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  2. Is the Higgs Field the unobserved (quantum field) version of Spacetime mass? The Higgs Boson can still be the particle that assigns the mass variable. I guess this means every variable has its own field? Unless the Higgs Boson holds more data than just mass. Anywhere the Higgs Field equation mentions state or observation it would mean physicality from spacetime. THE PHYSICAL DIVIDE
  3. The Aristotelian concept of "essences" being metaphysical (rather than epistemological) seems applicable.
  4. Yeah; sorry about that. I was already a little bit tipsy. Thanks for not giving me the kind of answer you definitely could have. Sure, it can be text-only, but I wouldn't be comfortable with the kind of emotionalist "average human being" that'd fall for any program sufficiently capable of tugging at their heartstrings. Obviously I'd prefer to be the judge, myself, but the average Objectivist should suffice. Let's not limit the processing power or memory capacity. Well, that's just it. If it was generating any of its own content on-the-fly then it wouldn't be part of today's "chatbot" paradigm (in which absolutely every response is pre-scripted). But even if it could generate its own content on-the-fly, if it had no basis to know what its words REFERRED to (like if it was just a neural net trained to imitate human speakers) then it would still end up saying some equally-bizarre things from time to time; things that could not be explained by the intentions of some bona fide consciousness. How long it'd take for it to make such a mistake isn't really the point. A more sophisticated system would obviously be able to mimick a real person for longer than a more rudimentary one could; all I'm saying is that sooner or later they would ALL show obvious signs of their non-sentience, unless they truly were sentient. Alright; maybe we'll see certain things that could fool MOST people in the short run. That's not really what I was trying to get at (and I do see that I wasn't being very clear about it; sorry). I think the better way to phrase this principle is that any non-sentient system can eventually be shown to be non-sentient by an outside observer (who perhaps has no idea what's going on "under the hood") who's at least somewhat capable of thinking critically. I have to start getting ready for work soon, but maybe it'd help if I showed some examples of what I mean later on?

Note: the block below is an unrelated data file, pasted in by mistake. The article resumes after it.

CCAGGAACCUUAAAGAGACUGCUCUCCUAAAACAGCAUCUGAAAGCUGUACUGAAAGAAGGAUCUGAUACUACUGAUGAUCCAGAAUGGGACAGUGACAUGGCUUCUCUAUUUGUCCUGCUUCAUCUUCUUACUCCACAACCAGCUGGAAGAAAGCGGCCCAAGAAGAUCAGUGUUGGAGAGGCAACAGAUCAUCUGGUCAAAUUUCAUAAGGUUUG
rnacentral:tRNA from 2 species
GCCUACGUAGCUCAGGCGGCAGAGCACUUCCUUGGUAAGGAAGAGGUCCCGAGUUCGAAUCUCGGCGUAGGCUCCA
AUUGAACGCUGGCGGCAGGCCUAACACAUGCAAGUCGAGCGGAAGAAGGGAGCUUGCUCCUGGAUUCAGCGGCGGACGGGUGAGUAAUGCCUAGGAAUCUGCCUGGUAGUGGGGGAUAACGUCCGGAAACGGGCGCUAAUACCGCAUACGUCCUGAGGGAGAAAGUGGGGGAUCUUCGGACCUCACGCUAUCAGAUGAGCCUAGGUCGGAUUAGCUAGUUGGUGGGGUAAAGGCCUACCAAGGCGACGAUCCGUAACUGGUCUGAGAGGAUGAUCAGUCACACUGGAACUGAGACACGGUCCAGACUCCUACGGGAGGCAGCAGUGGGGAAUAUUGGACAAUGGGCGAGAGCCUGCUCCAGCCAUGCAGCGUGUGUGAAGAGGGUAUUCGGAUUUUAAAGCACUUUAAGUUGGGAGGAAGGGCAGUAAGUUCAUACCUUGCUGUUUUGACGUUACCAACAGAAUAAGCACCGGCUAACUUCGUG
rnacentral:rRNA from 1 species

5. And presumably this would apply equally to American citizens and foreigners, alike? For instance, if I take a vacation to Cancun then the Mexican government should stop me on the way there and my own government should stop me on the way back (just in case I took up murdering random strangers while I was there)?